Monday, September 03, 2007

On Pork

I remember a conversation I had once while jogging with one of my best friends. She was asking me about why I decided to stop eating pork. I had tasted it for the first time when I was 19, to break through what I felt were mental and social taboos which had been constructed as part of my identity, it was part of my rebellion. Also, I simply wanted to see what all the fuss was about.
I have never since felt a reservation about what is in effect just another type of meat on the supermarket shelf. One thing I did notice throughout those years when I did have it, I never actually brought things home to my fridge like pork chops, pork livers or even sausages. It seemed I didn't have a problem with consuming it in a restaurant as part of some meal I liked, but the idea of having it home in my fridge was quite simply alien to me. When I thought of cooking something at home, it never occurred to me to cook something with it, nor did I ever feel that it was something which I craved. Quite simply, it was not part of my culture or tastes. Years later, around the time of my jog, I contemplated why that was. My friend believed I was quite simply being irrational about it. I wasn't religious, and arguments about the uncleanliness of the animal (which I still believe) didn't always hold to be true. So why?

Though religion is a factor, it is actually not the biggest. The main reason like I said before is that it is simply not part of my culture, the vast majority of Arabs and in fact most people in the Middle East and North Africa, do not have pork as part of their cuisine, the animal is considered to be filthy and unedible. Is this irrational? Why? Certainly there are societies where grasshoppers, lizards and dogs are eaten without the slightest concern. Why, I would ask, do these same people who disagree with me not consider eating dog liver sandwiches or lizard? They too are edible and this revulsion is largely irrational, or is it? Pork doesn't taste too bad, but I choose not to eat it now as a conscious decision based on my cultural and religous identity and moral values I have, not just because I was raised this way anymore.


Yazan said...

I very much enjoy these post that you reflect on yourself in them.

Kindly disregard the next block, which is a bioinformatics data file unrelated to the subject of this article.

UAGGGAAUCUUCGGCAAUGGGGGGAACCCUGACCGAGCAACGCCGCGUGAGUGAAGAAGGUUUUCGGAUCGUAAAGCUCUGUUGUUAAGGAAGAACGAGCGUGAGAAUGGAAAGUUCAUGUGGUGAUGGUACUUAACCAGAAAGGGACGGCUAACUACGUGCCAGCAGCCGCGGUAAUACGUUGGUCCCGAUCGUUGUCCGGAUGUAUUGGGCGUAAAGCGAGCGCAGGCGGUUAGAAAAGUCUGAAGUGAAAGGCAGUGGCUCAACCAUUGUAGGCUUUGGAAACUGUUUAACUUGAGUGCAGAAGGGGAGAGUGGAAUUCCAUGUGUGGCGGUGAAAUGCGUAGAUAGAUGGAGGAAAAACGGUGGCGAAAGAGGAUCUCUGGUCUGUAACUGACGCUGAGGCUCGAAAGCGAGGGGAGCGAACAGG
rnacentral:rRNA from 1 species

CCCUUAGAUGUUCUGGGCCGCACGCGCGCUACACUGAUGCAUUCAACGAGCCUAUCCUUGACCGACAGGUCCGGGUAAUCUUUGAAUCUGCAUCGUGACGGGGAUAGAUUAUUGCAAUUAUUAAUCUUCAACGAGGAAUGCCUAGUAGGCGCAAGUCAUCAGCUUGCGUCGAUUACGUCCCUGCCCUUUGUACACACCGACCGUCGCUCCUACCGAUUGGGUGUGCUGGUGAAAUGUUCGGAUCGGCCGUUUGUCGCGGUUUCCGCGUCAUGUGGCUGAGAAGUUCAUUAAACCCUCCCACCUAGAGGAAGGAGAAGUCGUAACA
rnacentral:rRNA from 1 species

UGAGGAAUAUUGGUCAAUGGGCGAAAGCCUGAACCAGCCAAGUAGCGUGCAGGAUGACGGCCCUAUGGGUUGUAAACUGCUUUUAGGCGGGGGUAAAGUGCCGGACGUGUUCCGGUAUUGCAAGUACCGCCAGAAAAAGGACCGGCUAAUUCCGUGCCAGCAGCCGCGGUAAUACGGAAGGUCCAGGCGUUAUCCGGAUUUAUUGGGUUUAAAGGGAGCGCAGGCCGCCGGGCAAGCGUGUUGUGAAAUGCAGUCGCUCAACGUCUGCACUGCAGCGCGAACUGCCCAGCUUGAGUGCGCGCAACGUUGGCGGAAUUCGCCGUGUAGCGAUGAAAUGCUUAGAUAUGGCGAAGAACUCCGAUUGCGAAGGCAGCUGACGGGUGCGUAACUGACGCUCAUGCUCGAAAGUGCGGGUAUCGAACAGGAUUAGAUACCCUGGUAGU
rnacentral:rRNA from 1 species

I can relate to your first experiments with pork, not that it was banned in our house, as both my parents are not religious on any level, but it was just that "Not part of the cuisine"... Although it was always present on dinner tables of christian/armenian family friends, which where I had my first experiments, maybe around 12-13...

I also never really bought pork to keep it in my fridge, but that's probably the case for all other types of meat, as I hate to cook meat, or keep meat in my fridge.

I fully agree about the notion of cultural differences playing the bigger role, and I see where you're going, because, I myself was not really able to eat dog meat when a vietnamese cooked it "especially" for me.
And I will probably have a hard time pushing myself to snack on fried locusts for example in thailand, or rats in china...

I don't see where the "dirty" argument stands though?

Ibn Bint Jbeil said...

during my own youthful days of rebellion and experimentation, before i reverted back to my faith, i dare say i partook in the intake of many a food and other types of "forbidden" intake, including crocodile, but i never did touch pork to my tongue. i don't know how "clean" that makes my mouth and gizzards, however you may wish to define the word "clean," whether in a cultural, religious, or psychological context.

Wassim said...

Hi Yazan,
My extremely biased opinion is that it's a creature which revels in living in it's own filth, in fact, it eats it's own filth in a natural state.

I guess everyone has their own definition of clean. It and other experiences have never stained me though perhaps I do realise the majority of these experiments were ,with hindsight, pretty pointless and unnecessary. It's just something which I am averse to and no longer eat. I like to keep these things in perspective ie. irrelevant to who I am now

abufares said...

I never consciously ordered pork. That's as far I can go with my statement. Thus, when I am abroad and something with unknown meat is presented to me (say on a flight) I would not ask what is it made of. The best phrase you used is that pork is not part of our cuisine.
However, unlike Yazan (I don't know how far I would go as I have not been extremely tested yet) when I'm traveling I like to sample the local culinary variety no matter how strange it might be. Rats & Monkeys!!! Nah, I have serious doubts. On the other hand, lizards, snakes, ...etc. they must taste like some kind of fish.
In the end I'm the kind of person who would not spoil a party. If say I were in some remote village in China and everybody was eating what seems to be the only entree on the menu, I would join them. I might not ask them what it is we're eating but I'll join them nevertheless.